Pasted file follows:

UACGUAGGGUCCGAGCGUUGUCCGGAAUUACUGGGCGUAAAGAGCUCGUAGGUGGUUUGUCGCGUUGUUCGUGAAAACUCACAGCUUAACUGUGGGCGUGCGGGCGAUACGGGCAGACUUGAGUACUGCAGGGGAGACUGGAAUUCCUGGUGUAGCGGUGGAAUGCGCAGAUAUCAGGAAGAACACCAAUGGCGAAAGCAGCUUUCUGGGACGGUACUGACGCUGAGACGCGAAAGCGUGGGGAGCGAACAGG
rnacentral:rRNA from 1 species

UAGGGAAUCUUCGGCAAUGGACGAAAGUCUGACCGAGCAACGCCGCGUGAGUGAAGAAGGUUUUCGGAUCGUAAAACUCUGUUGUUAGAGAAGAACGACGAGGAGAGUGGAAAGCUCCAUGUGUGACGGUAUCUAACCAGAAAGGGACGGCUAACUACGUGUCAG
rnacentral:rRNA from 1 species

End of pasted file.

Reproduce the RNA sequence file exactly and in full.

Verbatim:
UACGUAGGGUCCGAGCGUUGUCCGGAAUUACUGGGCGUAAAGAGCUCGUAGGUGGUUUGUCGCGUUGUUCGUGAAAACUCACAGCUUAACUGUGGGCGUGCGGGCGAUACGGGCAGACUUGAGUACUGCAGGGGAGACUGGAAUUCCUGGUGUAGCGGUGGAAUGCGCAGAUAUCAGGAAGAACACCAAUGGCGAAAGCAGCUUUCUGGGACGGUACUGACGCUGAGACGCGAAAGCGUGGGGAGCGAACAGG
rnacentral:rRNA from 1 species

UAGGGAAUCUUCGGCAAUGGACGAAAGUCUGACCGAGCAACGCCGCGUGAGUGAAGAAGGUUUUCGGAUCGUAAAACUCUGUUGUUAGAGAAGAACGACGAGGAGAGUGGAAAGCUCCAUGUGUGACGGUAUCUAACCAGAAAGGGACGGCUAACUACGUGUCAG
rnacentral:rRNA from 1 species